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Brown adipose tissue (BAT) (Figure (Figure1)1) has been recognized as a key thermogenic tissue in rodents for several decades. However, in the last few years, there has been a resurgent interest in the biology and therapeutic potential of BAT. This has been largely driven by a new understanding that most, if not all, healthy adult humans have significant deposits of BAT which can be activated by cold. Moreover, recent insights into the developmental origins of brown adipose cells and the identification of molecules that regulate brown adipocyte activity have provided a conceptual framework for the design of brown fat-based therapies.
Brown fat cells, when activated, are able to take up and oxidize large amounts of fat and carbohydrate for the purpose of producing heat—a process called adaptive thermogenesis. This transformation of chemical energy into heat at the expense of ATP production is mediated by the presence of Uncoupling Protein-1 (Ucp1) in the inner mitochondrial membrane. Ucp1 catalyzes the leak of protons from the intermembrane space back into the matrix, thus reducing the gradient (and its potential energy) used for ATP production.
BAT presumably evolved to protect animals against hypothermia in response to cold exposure. However, BAT is also known to powerfully counteract obesity and metabolic disease, at least in rodents. Numerous studies over recent years revealed that mice with increased amounts of active brown fat are lean, healthy, and able to resist the harmful metabolic effects of high fat diets. Intriguingly, imaging studies in humans show that brown fat activity is reduced in obesity and aging. The field must now address whether the variation in brown fat activity is a cause or consequence of weight gain. Brown fat cells are localized in discrete depots of BAT and are also found clustered amongst white fat cells in white depots. The prevalence and function of these so-called “beige” or “brite” (brown-in-white) cells in humans remains unknown.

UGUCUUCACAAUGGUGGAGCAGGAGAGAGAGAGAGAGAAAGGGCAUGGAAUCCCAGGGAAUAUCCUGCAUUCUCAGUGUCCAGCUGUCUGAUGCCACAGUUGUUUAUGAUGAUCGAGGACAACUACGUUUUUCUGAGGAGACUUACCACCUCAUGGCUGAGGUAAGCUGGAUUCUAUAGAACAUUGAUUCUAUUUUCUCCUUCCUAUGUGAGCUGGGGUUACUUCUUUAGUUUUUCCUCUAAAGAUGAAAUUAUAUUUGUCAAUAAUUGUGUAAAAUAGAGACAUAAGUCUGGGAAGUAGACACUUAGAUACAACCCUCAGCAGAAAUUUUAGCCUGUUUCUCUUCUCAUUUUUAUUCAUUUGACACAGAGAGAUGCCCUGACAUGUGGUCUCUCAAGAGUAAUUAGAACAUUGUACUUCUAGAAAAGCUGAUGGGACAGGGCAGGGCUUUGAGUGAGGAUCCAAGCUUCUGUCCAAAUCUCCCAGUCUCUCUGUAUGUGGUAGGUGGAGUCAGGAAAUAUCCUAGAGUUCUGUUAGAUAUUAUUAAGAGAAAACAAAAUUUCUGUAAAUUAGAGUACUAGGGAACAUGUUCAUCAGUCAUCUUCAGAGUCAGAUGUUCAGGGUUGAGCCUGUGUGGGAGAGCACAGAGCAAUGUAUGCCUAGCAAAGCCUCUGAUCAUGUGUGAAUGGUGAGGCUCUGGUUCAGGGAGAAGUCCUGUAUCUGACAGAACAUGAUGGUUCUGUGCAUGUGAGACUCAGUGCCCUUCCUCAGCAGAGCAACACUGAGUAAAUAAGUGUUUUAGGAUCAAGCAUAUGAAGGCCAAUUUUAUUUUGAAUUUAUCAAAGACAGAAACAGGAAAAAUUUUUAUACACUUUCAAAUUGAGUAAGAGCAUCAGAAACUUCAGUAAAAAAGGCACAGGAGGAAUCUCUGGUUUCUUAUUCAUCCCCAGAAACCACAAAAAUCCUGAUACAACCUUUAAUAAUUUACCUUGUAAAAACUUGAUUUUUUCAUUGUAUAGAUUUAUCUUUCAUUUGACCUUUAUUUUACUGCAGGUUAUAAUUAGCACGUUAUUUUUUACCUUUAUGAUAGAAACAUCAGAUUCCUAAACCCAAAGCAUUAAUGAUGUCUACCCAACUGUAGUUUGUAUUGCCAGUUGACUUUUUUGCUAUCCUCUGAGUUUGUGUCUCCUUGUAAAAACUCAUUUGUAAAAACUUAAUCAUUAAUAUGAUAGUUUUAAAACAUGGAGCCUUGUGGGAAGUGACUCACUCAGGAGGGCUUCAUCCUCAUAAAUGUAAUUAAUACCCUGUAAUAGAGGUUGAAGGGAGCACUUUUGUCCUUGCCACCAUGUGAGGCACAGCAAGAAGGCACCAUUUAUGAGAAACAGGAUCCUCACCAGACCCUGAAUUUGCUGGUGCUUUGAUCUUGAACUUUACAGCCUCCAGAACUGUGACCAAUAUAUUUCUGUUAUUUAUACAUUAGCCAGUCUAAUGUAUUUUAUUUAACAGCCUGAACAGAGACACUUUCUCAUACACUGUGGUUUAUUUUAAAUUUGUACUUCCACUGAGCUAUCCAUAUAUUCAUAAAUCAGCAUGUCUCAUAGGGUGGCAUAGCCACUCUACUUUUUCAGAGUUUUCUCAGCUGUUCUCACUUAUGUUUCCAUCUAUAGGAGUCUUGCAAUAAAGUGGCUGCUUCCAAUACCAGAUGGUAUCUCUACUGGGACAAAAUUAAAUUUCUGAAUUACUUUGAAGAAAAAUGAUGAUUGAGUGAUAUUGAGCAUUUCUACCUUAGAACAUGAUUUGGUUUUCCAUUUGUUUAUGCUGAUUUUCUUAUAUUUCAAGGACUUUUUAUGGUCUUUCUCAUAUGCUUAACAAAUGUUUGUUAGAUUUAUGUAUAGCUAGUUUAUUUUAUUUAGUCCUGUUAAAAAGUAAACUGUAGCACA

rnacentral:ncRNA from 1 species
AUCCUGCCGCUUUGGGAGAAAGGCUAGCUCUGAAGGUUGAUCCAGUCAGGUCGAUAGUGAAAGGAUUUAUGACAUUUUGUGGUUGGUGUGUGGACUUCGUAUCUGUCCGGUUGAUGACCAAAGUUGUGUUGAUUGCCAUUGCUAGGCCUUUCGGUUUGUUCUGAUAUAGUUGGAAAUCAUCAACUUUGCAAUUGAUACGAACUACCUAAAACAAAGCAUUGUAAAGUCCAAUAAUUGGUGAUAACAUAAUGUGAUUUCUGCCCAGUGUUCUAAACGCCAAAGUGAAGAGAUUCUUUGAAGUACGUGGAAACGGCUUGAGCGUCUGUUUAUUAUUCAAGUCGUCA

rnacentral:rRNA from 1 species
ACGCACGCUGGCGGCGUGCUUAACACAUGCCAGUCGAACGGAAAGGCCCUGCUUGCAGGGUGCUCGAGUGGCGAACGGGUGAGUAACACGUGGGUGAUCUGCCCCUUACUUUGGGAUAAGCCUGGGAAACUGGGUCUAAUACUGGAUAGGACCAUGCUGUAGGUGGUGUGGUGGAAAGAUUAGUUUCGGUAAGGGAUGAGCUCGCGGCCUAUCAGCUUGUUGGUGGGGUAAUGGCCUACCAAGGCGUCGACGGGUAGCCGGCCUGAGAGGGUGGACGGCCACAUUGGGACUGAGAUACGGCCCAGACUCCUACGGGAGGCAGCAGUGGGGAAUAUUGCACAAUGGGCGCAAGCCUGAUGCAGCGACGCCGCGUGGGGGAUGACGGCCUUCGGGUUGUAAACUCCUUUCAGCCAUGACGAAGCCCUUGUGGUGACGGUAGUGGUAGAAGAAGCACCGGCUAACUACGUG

There is a growing consensus in the field that brown fat-targeted therapies hold tremendous promise for the treatment of obesity and associated health consequences. It is also increasingly clear that brown fat can function as an effective sink for disposing of excess glucose and fatty acids. This suggests that brown fat-based therapies could be very effective for treating insulin resistance, type-2 diabetes, and dyslipidemia without necessarily reducing body weight.
In this Research Topic, we were able to assemble articles from many of the prominent scientists in the field which focused on many different and important aspects of brown fat biology. The topic begins with a historical perspective (Ricquier, 2012) and also includes reviews and original reports on: test systems to study Ucp1 (Hirschberg et al., 2012); the development of brown adipose cells (Boss and Farmer, 2012; Festuccia et al., 2012; Kozak, 2012; Pisani et al., 2012; Scime, 2012; Yadav and Rane, 2012); the influence of genetics (Kozak, 2012); adrenergic and central control of brown adipocyte activity (Collins, 2012; Morrison et al., 2012); human brown adipose cells and imaging methods (Betz and Enerback, 2012; Hu and Gilsanz, 2012; Muzik et al., 2012; Richard et al., 2012; van Marken Lichtenbelt, 2012); and perspectives for brown adipose-based therapeutics (Betz and Enerback, 2012; Boss and Farmer, 2012). I would like to thank all the contributors and reviewers for their help in putting this interesting and timely collection of articles together.